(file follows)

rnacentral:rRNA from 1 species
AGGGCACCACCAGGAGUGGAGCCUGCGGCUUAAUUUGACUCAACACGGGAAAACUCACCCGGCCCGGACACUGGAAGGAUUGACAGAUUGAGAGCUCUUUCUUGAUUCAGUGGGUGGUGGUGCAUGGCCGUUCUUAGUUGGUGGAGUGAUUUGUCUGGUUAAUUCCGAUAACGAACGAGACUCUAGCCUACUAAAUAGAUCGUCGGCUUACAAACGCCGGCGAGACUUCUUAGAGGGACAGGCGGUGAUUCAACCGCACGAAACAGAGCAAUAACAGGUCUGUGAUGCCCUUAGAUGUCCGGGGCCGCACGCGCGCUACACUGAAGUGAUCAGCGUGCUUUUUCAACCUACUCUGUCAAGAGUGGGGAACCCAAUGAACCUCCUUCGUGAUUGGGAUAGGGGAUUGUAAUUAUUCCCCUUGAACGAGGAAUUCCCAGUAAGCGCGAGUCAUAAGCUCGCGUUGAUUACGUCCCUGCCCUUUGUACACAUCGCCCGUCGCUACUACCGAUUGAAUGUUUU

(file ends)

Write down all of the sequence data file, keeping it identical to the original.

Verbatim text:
rnacentral:rRNA from 1 species
AGGGCACCACCAGGAGUGGAGCCUGCGGCUUAAUUUGACUCAACACGGGAAAACUCACCCGGCCCGGACACUGGAAGGAUUGACAGAUUGAGAGCUCUUUCUUGAUUCAGUGGGUGGUGGUGCAUGGCCGUUCUUAGUUGGUGGAGUGAUUUGUCUGGUUAAUUCCGAUAACGAACGAGACUCUAGCCUACUAAAUAGAUCGUCGGCUUACAAACGCCGGCGAGACUUCUUAGAGGGACAGGCGGUGAUUCAACCGCACGAAACAGAGCAAUAACAGGUCUGUGAUGCCCUUAGAUGUCCGGGGCCGCACGCGCGCUACACUGAAGUGAUCAGCGUGCUUUUUCAACCUACUCUGUCAAGAGUGGGGAACCCAAUGAACCUCCUUCGUGAUUGGGAUAGGGGAUUGUAAUUAUUCCCCUUGAACGAGGAAUUCCCAGUAAGCGCGAGUCAUAAGCUCGCGUUGAUUACGUCCCUGCCCUUUGUACACAUCGCCCGUCGCUACUACCGAUUGAAUGUUUU